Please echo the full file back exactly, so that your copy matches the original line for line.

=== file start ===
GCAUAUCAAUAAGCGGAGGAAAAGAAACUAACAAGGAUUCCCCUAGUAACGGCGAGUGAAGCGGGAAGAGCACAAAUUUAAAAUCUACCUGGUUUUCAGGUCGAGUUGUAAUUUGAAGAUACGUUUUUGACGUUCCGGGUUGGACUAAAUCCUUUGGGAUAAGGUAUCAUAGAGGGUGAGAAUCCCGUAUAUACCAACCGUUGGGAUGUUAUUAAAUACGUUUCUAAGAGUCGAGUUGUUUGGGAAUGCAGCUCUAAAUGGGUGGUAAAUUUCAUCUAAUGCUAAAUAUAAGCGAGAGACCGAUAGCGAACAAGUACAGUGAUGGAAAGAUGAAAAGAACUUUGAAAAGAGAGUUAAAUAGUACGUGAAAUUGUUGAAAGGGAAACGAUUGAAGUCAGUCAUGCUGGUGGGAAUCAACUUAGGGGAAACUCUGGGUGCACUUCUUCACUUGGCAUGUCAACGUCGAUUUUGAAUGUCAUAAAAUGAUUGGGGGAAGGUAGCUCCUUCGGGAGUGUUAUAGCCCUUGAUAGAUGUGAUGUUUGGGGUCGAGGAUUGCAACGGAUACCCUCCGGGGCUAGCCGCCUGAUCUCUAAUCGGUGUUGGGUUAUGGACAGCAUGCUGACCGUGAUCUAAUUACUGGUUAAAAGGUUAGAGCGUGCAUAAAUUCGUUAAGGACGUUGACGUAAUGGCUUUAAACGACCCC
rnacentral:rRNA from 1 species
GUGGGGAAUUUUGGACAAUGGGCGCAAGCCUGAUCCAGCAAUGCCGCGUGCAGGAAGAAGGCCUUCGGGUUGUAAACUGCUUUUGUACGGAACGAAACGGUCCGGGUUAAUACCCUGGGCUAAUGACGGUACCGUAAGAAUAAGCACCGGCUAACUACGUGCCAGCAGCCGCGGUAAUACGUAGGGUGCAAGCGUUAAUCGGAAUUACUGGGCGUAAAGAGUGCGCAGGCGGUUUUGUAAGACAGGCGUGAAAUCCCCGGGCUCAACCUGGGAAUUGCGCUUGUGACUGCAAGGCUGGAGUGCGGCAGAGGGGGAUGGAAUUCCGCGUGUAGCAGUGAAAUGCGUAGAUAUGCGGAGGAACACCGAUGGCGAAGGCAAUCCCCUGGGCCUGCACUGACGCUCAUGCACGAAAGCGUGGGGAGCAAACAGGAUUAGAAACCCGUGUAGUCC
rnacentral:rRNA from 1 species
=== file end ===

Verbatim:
GCAUAUCAAUAAGCGGAGGAAAAGAAACUAACAAGGAUUCCCCUAGUAACGGCGAGUGAAGCGGGAAGAGCACAAAUUUAAAAUCUACCUGGUUUUCAGGUCGAGUUGUAAUUUGAAGAUACGUUUUUGACGUUCCGGGUUGGACUAAAUCCUUUGGGAUAAGGUAUCAUAGAGGGUGAGAAUCCCGUAUAUACCAACCGUUGGGAUGUUAUUAAAUACGUUUCUAAGAGUCGAGUUGUUUGGGAAUGCAGCUCUAAAUGGGUGGUAAAUUUCAUCUAAUGCUAAAUAUAAGCGAGAGACCGAUAGCGAACAAGUACAGUGAUGGAAAGAUGAAAAGAACUUUGAAAAGAGAGUUAAAUAGUACGUGAAAUUGUUGAAAGGGAAACGAUUGAAGUCAGUCAUGCUGGUGGGAAUCAACUUAGGGGAAACUCUGGGUGCACUUCUUCACUUGGCAUGUCAACGUCGAUUUUGAAUGUCAUAAAAUGAUUGGGGGAAGGUAGCUCCUUCGGGAGUGUUAUAGCCCUUGAUAGAUGUGAUGUUUGGGGUCGAGGAUUGCAACGGAUACCCUCCGGGGCUAGCCGCCUGAUCUCUAAUCGGUGUUGGGUUAUGGACAGCAUGCUGACCGUGAUCUAAUUACUGGUUAAAAGGUUAGAGCGUGCAUAAAUUCGUUAAGGACGUUGACGUAAUGGCUUUAAACGACCCC
rnacentral:rRNA from 1 species
GUGGGGAAUUUUGGACAAUGGGCGCAAGCCUGAUCCAGCAAUGCCGCGUGCAGGAAGAAGGCCUUCGGGUUGUAAACUGCUUUUGUACGGAACGAAACGGUCCGGGUUAAUACCCUGGGCUAAUGACGGUACCGUAAGAAUAAGCACCGGCUAACUACGUGCCAGCAGCCGCGGUAAUACGUAGGGUGCAAGCGUUAAUCGGAAUUACUGGGCGUAAAGAGUGCGCAGGCGGUUUUGUAAGACAGGCGUGAAAUCCCCGGGCUCAACCUGGGAAUUGCGCUUGUGACUGCAAGGCUGGAGUGCGGCAGAGGGGGAUGGAAUUCCGCGUGUAGCAGUGAAAUGCGUAGAUAUGCGGAGGAACACCGAUGGCGAAGGCAAUCCCCUGGGCCUGCACUGACGCUCAUGCACGAAAGCGUGGGGAGCAAACAGGAUUAGAAACCCGUGUAGUCC
rnacentral:rRNA from 1 species